Mom, 2002

Friday, April 12, 2013

K is for Kitchen Sink

So I was mulling over a K-topic for the A-Z Challenge and having a time coming up with anything good. Hmm. Kansas? I drove through it once but haven't visited. Kit-Kat Bars? Absolutely delicious, but 'nuf said. Kittens? Love 'em but I've written a lot about them lately. Knockwurst? Nah. Korea? Too serious, and I've never been there anyway, and it might lead me to writing about Kimchee.  And I know nothing about Kankakee, Illinois or Kissimmee, Florida.

But I am running out of time to write a post, so allow me to present the Kitchen Sink.

This little stainless steel wonder rests on a counter of granite, and it's connected to a new garbage disposal and a neat collection of pipes and drains--under the hood, as it were. My wife and I spend more time standing in front of it than we should, given that a modern dishwasher sits right next to it. The darned thing doesn't clean as well as it should.

When I was a kid, I spent lots of time washing, rinsing, drying, and putting away the family's dishes after supper. Then when we'd visit my oldest brother and his wife in New Jersey, he and I would wash dishes together so his wife could relax and so we could chat. Believe it or not, that left me with fond memories of washing dishes by hand.

But no, I won't come over and do your dishes. Well, unless you feed me. What's for dessert?

Thursday, April 11, 2013

J is for Javelina

The javelina (hah-veh-LEE-nah) is a wild porcine critter that lives in parts of Southwestern U.S. and all the way to South America. For some inexplicable reason, one of them wanders into one of my novels and makes himself at home. The little fella becomes the pet of a young Tohono O'Odham girl named Sally Windflower and takes to eating Brussels sprouts and other scrapings off her dinner plate. But why in the name of the Chihuahua Desert does she name him Poindexter? The answer is that there is no answer. The name was literally the first one that popped into my head, and it seemed just as absurd as the rest of the story. So it was good enough for me.

The animal is also known as a peccary. I don't have any good pix of my own, so the following comes from costaricajourneys.com. Note that it lacks wings, but Poindexter lacks them as well. Readers of When Pigs Fly will understand that the "flying" is purely figurative and that the book is not for children.

Wednesday, April 10, 2013

I is for Idea

Can you believe that at first I had no Idea what to write about for the letter I? Imagine that. For the writer, ideas can come from anywhere. Listen to people when you're out shopping or standing in a line--maybe you catch an odd phrase or a snippet of conversation. You can make a note of it and file it away for possible future use. I have a fairly long computer file consisting of random ideas, puns, quirky expressions, along with questions beginning with "What if?" That question is a great tool to spur a writer's creativity. What if the phone rings? What if an old flame shows up at your doorstep? What if the power goes out when you're doing something critical? What if you had said what you really thought? What if he had stepped off the curb but the bus didn't stop? What if the next thing you wished for came true? Then what follows can be a whole series of consequences.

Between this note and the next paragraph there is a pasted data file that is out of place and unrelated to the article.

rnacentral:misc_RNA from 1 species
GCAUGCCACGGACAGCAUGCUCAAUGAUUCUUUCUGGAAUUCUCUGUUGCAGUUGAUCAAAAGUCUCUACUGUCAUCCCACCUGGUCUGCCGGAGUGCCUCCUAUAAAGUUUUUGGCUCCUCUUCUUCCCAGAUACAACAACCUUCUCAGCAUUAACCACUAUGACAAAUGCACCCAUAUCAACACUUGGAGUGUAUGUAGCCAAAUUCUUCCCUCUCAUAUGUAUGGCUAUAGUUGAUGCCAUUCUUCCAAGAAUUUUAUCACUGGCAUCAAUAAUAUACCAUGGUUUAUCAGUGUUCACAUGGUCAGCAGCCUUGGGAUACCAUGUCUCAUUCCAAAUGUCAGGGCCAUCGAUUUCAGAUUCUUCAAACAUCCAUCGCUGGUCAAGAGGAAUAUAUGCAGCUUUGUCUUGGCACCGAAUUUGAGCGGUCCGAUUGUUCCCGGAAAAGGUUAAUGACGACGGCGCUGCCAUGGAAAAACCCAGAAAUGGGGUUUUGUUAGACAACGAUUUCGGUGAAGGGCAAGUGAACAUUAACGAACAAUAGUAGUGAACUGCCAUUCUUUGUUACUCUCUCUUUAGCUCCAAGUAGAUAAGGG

The best thing you can do as a writer is to let the ideas flow unedited. Jot them down. If you have a cell phone and you aren't home, write yourself an email. Don't say, "Oh, that's a dumb idea. I should forget about it." Collect them, string a few together, turn them inside out. Maybe one silly idea prompts another very good one.

Yes, writers have good ideas and bad ones. But don't squelch your creativity. Let the ideas flow when you have them, and later you can sort them out.

Tuesday, April 09, 2013

H is for Harry S Truman, Haberdasher

President Harry S Truman
Many people didn't expect much from Harry S Truman, including President Roosevelt, who kept him out of the loop on critical national issues such as the Manhattan Project. Briefly a haberdasher, he entered Missouri politics and was generally thought to be a nobody who became vice president--a position one of his predecessors said wasn't worth a pitcher of warm spit. But David McCullough's great biography, Truman, makes clear that he was a man of more substance. He was a brave and skilled Army officer in World War I, putting the safety of his men above everything else. He was an inveterate letter writer and a faithful husband and father. The military was racially integrated under his watch, and for better or worse authorized the use of atomic bombs on Japan. I was a young boy while he was President and was horrified when he fired my hero, General Douglas MacArthur.

Good old HST was a crusty fellow who surely didn't give a damn who liked him and who didn't. We may never see his like in politics again.

Incidentally, the S was not an abbreviation but his middle name. So he was Harry S Truman, not Harry S. Truman, Internet sources notwithstanding.

Monday, April 08, 2013

G is for George and Gracie

George and Gracie were my introduction to the pleasure of having cats around the house. When they arrived, the two Bengals were litter mates that my wife could hold in the palm of her hand. We still have Gracie, who is eight years old, but earlier this year we lost her brother to HCM, or hypertrophic cardiomyopathy, which he had for years. Both were sweethearts--Gracie still is, of course--but George had a devilish streak. Once, later in life, he bit Nancy hard enough to send her to the ER. It wasn't really his fault, as we'd temporarily had him on a medication that was making him crazy. But the hospital reported the incident as required by law, and soon an officer from Animal Control was at our door. We had to quarantine George for a while, and he did calm down after we stopped the offending meds. But he was always ready to swat one of us as we walked by him. He wasn't mean, though; he just wanted attention and loved to play. Even though after he died we got another very sweet cat, we will always miss George.

Gracie has a more garden-variety personality. She loves to climb into my lap when I'm using the computer, although walking on my keyboard is even more fun. When I'm not looking, she likes to chew on paper in my office, which we like to call Gracie doing her paperwork. So I have to be careful what I leave lying around on my desk. Now there is a check stub with a large chunk missing; I'm careful to hide any checks until it's time to go to the bank.